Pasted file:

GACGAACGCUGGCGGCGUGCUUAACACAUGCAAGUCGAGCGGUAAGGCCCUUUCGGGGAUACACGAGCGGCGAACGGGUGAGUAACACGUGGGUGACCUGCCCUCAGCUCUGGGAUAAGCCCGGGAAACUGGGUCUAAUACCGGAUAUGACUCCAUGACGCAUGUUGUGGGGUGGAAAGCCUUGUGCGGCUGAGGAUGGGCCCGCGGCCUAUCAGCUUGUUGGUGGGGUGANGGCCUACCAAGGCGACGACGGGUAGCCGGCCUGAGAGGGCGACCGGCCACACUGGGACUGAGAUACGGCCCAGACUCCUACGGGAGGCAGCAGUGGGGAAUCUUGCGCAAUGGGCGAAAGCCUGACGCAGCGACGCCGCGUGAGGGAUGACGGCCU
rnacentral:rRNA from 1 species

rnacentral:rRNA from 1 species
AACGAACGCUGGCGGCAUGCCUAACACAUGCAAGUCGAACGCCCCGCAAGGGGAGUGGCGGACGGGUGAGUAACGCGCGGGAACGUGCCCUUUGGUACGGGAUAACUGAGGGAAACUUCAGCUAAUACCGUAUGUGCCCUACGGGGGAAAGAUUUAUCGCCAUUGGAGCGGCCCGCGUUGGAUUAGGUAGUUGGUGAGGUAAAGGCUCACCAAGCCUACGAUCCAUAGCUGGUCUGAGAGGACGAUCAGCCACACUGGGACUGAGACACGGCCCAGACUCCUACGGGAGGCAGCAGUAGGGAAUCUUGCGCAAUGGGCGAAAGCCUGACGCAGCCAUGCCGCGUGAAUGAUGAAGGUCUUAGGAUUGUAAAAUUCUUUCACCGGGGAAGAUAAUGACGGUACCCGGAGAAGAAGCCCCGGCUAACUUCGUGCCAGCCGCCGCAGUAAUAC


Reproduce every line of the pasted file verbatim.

GACGAACGCUGGCGGCGUGCUUAACACAUGCAAGUCGAGCGGUAAGGCCCUUUCGGGGAUACACGAGCGGCGAACGGGUGAGUAACACGUGGGUGACCUGCCCUCAGCUCUGGGAUAAGCCCGGGAAACUGGGUCUAAUACCGGAUAUGACUCCAUGACGCAUGUUGUGGGGUGGAAAGCCUUGUGCGGCUGAGGAUGGGCCCGCGGCCUAUCAGCUUGUUGGUGGGGUGANGGCCUACCAAGGCGACGACGGGUAGCCGGCCUGAGAGGGCGACCGGCCACACUGGGACUGAGAUACGGCCCAGACUCCUACGGGAGGCAGCAGUGGGGAAUCUUGCGCAAUGGGCGAAAGCCUGACGCAGCGACGCCGCGUGAGGGAUGACGGCCU
rnacentral:rRNA from 1 species

rnacentral:rRNA from 1 species
AACGAACGCUGGCGGCAUGCCUAACACAUGCAAGUCGAACGCCCCGCAAGGGGAGUGGCGGACGGGUGAGUAACGCGCGGGAACGUGCCCUUUGGUACGGGAUAACUGAGGGAAACUUCAGCUAAUACCGUAUGUGCCCUACGGGGGAAAGAUUUAUCGCCAUUGGAGCGGCCCGCGUUGGAUUAGGUAGUUGGUGAGGUAAAGGCUCACCAAGCCUACGAUCCAUAGCUGGUCUGAGAGGACGAUCAGCCACACUGGGACUGAGACACGGCCCAGACUCCUACGGGAGGCAGCAGUAGGGAAUCUUGCGCAAUGGGCGAAAGCCUGACGCAGCCAUGCCGCGUGAAUGAUGAAGGUCUUAGGAUUGUAAAAUUCUUUCACCGGGGAAGAUAAUGACGGUACCCGGAGAAGAAGCCCCGGCUAACUUCGUGCCAGCCGCCGCAGUAAUAC